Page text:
The airport supports 8,200 local jobs and has an annual economic value of £780 million to the local economy. Working with the airport operator, the Council wants to grow the airport and there is a proposal for the airport to increase capacity as well as generating an anticipated 4,500 jobs including 1,700 directly in the airport.
The town centre square, St. George’s Square, has been remodelled with £2.5 million of grant funding, which had the intended effect of encouraging the private sector to invest in the town’s principal shopping centre, the Mall, and a refurbishment of the nearby leisure complex, the Galaxy Centre. This brought an additional £20 million of investment and new businesses into the town centre improving shopping and the night-time economy.
A strategic officer group is tasked with improving Luton's business rate income through better management and business growth. The business growth strategy is in the early stages of being developed and will draw upon expertise from our business partners across the town. As an early step, we have earmarked £150,000 from under-spend as seed corn incentives to encourage new business growth in Luton.
Heath and adult social care
The headline story in Luton is that mental health services, learning disability services and public health are already integrated between the NHS and the Council. In addition plans for both adults with physical disabilities and older people are underway. Further integration is actively being worked on. This section sets out the headline pressures that the Council and its partners face along with our plans to deliver improved outcomes that address these needs, in light of financial constraints.
The NHS clinical commissioning group sees the integration of health and social care as important for the following reasons: The typical user of health services in Luton is elderly, frail, possibly vulnerable and suffering from one or more debilitating long term conditions and who needs coordinated packages of care to allow them to lead fulfilling lives. This cohort of patients represents 29% of the total population but 50% of all GP appointments, 65% of outpatients’ appointments and 70% of all inpatient bed days. Additionally 51% of people receiving social services, 75% of adults in residential care and 91% of people in nursing care are over the age of 65 years.
Proportionally, Luton has fewer older people than the national average for England. However, within south Asian and African Caribbean communities there is a higher and rising proportion of people with longer-term conditions including diabetes, cardiovascular diseases, high blood pressure and strokes. This is likely to place greater demand on services within the next five years with predicted increases in the ethnic minority populations. Additionally, the number of people who are 85 years and older is set to grow by 55% from 2350 in 2010 to 3650 in 2030. The number of people living with dementia is also expected to rise significantly. The JSNA predicts a 9% increase in prevalence from 2010 to 2014 and a 29% increase to 2020.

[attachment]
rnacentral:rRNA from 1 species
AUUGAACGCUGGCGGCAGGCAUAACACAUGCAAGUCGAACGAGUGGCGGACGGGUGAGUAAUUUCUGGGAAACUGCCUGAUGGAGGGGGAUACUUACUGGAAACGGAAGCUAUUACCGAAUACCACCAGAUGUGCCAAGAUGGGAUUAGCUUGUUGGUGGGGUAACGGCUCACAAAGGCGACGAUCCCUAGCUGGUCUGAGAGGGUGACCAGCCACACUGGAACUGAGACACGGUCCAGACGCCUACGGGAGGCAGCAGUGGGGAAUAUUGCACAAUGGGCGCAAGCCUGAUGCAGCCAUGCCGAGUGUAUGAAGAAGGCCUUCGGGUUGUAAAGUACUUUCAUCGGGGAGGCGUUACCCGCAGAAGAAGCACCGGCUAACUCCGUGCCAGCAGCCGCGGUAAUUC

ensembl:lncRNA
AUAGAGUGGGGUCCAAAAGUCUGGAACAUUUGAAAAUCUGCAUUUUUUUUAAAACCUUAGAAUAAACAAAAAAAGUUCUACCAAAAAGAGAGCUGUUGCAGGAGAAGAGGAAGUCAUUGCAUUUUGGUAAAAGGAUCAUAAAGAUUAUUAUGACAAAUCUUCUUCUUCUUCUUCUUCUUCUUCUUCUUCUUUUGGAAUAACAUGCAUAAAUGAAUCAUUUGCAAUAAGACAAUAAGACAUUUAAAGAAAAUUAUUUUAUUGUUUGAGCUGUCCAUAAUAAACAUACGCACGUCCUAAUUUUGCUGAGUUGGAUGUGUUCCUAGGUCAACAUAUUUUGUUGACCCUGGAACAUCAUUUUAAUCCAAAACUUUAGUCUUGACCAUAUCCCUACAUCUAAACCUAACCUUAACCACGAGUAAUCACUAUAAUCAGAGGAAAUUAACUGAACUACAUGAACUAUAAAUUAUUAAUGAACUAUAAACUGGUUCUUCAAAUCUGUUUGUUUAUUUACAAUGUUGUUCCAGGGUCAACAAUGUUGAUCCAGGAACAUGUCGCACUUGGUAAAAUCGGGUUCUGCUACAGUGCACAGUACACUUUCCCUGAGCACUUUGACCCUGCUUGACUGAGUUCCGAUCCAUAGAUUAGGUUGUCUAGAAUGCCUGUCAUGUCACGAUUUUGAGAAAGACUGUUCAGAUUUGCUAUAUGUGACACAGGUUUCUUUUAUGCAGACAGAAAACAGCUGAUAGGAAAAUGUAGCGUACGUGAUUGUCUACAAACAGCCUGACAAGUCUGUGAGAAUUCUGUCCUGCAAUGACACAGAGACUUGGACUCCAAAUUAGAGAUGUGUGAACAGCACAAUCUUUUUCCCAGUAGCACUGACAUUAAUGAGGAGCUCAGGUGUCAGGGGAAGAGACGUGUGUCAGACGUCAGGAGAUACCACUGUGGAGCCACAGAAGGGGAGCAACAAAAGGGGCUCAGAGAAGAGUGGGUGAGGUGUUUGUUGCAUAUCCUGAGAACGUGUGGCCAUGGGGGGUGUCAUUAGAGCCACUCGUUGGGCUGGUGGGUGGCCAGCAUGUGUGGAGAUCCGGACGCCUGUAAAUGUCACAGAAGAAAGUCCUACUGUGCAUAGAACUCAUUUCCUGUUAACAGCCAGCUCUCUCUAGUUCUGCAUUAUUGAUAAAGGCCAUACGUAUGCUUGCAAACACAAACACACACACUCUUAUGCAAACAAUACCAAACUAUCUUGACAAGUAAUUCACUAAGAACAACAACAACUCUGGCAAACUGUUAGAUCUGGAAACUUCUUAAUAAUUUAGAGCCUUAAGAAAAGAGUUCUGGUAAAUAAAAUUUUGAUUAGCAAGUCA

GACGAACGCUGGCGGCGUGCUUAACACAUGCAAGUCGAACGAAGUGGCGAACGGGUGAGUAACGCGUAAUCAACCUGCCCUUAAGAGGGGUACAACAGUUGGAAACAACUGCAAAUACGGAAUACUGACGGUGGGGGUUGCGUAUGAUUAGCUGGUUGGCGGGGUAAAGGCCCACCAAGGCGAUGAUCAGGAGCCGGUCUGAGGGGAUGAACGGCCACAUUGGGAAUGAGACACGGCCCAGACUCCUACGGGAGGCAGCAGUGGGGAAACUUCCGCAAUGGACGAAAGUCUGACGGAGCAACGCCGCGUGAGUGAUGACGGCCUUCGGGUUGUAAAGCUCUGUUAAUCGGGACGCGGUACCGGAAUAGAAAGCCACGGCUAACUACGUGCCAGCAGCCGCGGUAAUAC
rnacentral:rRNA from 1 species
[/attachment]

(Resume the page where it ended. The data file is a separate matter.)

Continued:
Luton’s population has poorer health outcomes than neighbouring populations. Luton is ranked 357 out of 404 local areas for female life expectancy and 276 for male life expectancy. Trend data has shown that female life expectancy in Luton, although rising, has slowed in recent years and therefore the gap with life expectancy in females in England as a whole has widened.
Luton has a relatively high rate of smoking in its most deprived wards, a raised level of obesity and relatively high levels of mental health need compared to the population as a whole.
In 2011/12 our enforcement and public health teams launched a campaign to raise awareness of the health risks of smoking shisha (identified as a major issue in a local needs assessment) and to shut those that were illegally operated. The public health team included volunteers, young health ambassadors, enforcement officers from Bedfordshire and Luton fire and rescue service, HM Revenue & Customs, Luton Council and community groups.
Wellbeing clubs (converted from luncheon clubs) and supported by public health funding will have a focus on community integration, enabling independence and promoting health and wellbeing for older people.
The JSNA identified a shortage of supported living accommodation for people with mental health needs. As a result, two new supported living schemes (the result of a successful joint bid with a housing association to the Housing Corporation) opened in 2012 with independent sector partners providing care and support. 18 people are now able to live independently in their own flats, reducing the Council’s reliance on expensive residential care. Others are now living independently after long stays in inpatient facilities. 
The JSNA and the annual public health report highlight poor cancer survival in Luton due to late diagnosis, so we have set up a programme where volunteers are trained by McMillan nurses to raise awareness about the signs and symptoms of cancer and the importance of attending cancer screening programmes. The community development team recruit volunteers in conjunction with public health colleagues and the trained peer educators will work across Luton, focussing initially on wards with the poorest survival rates.